Local violence prevention groups react to rise in homicide cases

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In the first week of December, a fatal stabbing marked the 35th homicide in St. Paul this year, breaking the record set in 1994.

Minneapolis reached its 91st homicide this week, inching toward the 1995 record, which is 97.

Community leaders said the Twin Cities were headed in this direction.

“Is it heartbreaking? Yeah, but shocking? No,” Rev. Darryl Spence, God Squad member, said.

Spence calls 2021 a year of death and devastation.

He has a front-row seat to the record number of homicides in St. Paul as a member of the God Squad. The squad is a violence prevention group aimed at bridging the gap between law enforcement and the community.

“The saddest thing is now how far will we go? We’ve got a whole month to get through,” Spence said.

With youth crime on the rise, Spence said the group is dedicated to tackling the root of the problem, which starts at home.

“One family at a time. Go get that family, encourage that family to do better,” Spence said.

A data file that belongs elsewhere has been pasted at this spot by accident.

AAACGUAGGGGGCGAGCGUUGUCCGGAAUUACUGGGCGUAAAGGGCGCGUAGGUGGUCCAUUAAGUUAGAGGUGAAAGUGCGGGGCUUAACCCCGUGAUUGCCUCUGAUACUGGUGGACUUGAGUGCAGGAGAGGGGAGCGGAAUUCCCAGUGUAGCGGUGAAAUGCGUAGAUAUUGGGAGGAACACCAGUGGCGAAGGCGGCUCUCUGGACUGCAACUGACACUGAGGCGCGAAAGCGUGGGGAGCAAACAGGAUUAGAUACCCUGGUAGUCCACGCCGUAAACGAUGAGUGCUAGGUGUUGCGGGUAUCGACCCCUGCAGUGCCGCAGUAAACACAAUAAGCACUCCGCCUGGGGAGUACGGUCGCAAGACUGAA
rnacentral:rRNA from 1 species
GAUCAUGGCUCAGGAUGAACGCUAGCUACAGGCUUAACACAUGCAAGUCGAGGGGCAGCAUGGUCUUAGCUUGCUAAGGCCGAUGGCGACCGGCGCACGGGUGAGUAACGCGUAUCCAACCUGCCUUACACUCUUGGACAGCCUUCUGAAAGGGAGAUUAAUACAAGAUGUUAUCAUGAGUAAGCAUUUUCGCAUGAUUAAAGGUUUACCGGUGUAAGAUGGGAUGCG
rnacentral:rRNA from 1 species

But he said it’s a solution that won’t happen overnight.

Right across the river, Minneapolis is inching closer to breaking a homicide record set in 1995.

A community leader said it’s likely they’ll reach it.

“I don’t think this winter is going to calm it down. There’s just too much going on. There’s too many guns on the streets,” John Turnipseed, Mad Dads president, said.

Mad Dads is an organization that has been cracking down on gang violence in Minneapolis for the last 23 years.

It’s a life Turnipseed used to live in the 90s.

“I’ve seen a lot of movement from other states coming here. Gangbangers and stuff, they’re here and they’re going to be here because this is the best place to be right now,” he said.

He said the current climate in Minneapolis — including factors like police staffing shortages and reduced traffic stops — leaves an opportunity for increased gang activity, making it more difficult for violence prevention groups to crackdown on crime.

But he said part of the responsibility falls on the community.

“We refuse to let pedophiles walk through our communities. We’ll stop that in a second,” Turnipseed said. “If you took the same attitude about crime and the killing of Black men in our community, we would change it, but it takes the community. The police cannot do it, but they can help do it.”

Spence said this year was a setback, but there’s still hope.

“We’re losing now, but it’s not over. We’re going to keep fighting. We’re going to keep fighting until we can say we finally won,” Spence said.